Chapter 1. Insufficient Explanations

In my first genetics course, I was hoping to understand the secrets of evolution. The first half of the course was on molecular genetics. We studied little puzzle pieces and recipes made up of DNA. The second half of the course, population genetics, seemed irrational. How could evolution be explained through some mathematical equations based on impossible assumptions? General definitions from a biology text are included here, including adaptation, natural selection and fitness. A lot of theoretical ecology had the same problem with telling stories about adaptation that were too much like Kipling’s “how the elephant got his trunk,” except that in this version, selection wipes out those with unfit trunk lengths.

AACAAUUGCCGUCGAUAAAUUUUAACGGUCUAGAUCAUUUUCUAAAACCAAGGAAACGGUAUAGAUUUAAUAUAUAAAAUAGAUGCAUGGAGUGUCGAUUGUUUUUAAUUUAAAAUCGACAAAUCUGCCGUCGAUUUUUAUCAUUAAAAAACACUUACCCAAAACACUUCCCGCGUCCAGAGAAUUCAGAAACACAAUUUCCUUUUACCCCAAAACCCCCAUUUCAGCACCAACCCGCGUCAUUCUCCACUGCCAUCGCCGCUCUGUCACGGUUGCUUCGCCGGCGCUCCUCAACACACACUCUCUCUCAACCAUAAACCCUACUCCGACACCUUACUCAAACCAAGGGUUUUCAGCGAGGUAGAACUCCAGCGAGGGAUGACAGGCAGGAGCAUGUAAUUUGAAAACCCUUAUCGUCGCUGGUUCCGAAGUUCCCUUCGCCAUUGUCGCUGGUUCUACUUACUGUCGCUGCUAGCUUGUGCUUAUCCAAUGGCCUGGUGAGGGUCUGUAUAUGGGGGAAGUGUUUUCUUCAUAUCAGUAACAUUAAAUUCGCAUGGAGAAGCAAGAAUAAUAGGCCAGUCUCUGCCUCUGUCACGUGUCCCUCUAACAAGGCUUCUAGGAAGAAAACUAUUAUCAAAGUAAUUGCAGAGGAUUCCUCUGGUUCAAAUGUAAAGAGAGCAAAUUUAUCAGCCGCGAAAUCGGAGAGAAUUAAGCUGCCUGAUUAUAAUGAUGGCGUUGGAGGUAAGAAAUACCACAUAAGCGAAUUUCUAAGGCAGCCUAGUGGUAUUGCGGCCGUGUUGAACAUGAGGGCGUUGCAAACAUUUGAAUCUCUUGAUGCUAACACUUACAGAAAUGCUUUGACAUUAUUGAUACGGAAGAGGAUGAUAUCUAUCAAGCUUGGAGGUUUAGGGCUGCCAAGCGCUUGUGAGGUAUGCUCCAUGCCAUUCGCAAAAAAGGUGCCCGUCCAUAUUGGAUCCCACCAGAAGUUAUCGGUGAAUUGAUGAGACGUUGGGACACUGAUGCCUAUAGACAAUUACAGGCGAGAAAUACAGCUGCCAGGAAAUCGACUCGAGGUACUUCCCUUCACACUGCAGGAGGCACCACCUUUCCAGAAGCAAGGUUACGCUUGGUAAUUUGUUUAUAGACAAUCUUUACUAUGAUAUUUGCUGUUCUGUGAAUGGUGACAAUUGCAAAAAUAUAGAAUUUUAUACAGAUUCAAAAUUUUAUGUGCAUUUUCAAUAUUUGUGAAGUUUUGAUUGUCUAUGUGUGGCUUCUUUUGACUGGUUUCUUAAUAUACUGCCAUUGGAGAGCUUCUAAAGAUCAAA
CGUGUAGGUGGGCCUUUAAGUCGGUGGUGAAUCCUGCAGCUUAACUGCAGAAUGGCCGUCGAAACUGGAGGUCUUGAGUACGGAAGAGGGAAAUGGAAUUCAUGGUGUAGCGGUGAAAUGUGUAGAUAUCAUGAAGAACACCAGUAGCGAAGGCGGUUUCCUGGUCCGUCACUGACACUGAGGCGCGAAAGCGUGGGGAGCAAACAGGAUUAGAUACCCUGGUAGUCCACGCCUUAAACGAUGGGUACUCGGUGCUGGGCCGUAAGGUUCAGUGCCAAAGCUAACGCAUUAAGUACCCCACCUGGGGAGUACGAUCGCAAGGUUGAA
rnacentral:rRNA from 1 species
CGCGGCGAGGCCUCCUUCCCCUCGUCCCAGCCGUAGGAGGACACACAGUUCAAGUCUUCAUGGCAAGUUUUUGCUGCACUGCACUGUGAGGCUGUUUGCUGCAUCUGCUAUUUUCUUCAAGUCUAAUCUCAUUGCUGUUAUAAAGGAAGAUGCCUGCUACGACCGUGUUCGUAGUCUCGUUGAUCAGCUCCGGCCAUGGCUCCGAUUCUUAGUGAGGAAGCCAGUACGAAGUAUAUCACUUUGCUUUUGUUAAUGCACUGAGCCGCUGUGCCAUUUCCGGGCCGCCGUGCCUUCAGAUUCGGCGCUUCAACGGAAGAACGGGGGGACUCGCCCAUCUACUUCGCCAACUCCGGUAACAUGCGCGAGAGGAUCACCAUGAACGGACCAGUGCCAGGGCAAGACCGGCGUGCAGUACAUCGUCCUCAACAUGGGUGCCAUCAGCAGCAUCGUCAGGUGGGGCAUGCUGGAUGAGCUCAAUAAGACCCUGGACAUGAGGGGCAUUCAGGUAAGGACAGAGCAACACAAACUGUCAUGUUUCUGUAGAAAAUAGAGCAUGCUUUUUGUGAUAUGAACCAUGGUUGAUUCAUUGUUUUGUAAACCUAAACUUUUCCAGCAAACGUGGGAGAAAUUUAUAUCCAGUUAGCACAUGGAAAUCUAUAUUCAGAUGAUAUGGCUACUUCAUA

Many students have heard the story of the pepper moth – the common form was white with black spots until the trunks of the birch trees became blackened with Industrial Revolution soot. The dark brown form of the moth was harder for birds to see under these conditions, so it became more common as the white form declined in numbers. Students often hear this story as an example of evolution, but it is not, since nothing new came to be. Natural selection is a variation-decreasing force acting on random mutations, but is that all there is to it? Maybe I was missing something, but neo-Darwinian theory didn’t seem to offer a very good explanation for multicellular organisms or the diversity of species. There’s no pretending “intelligent design” is any sort of science, but that doesn’t mean natural selection can’t be questioned, or even rejected.

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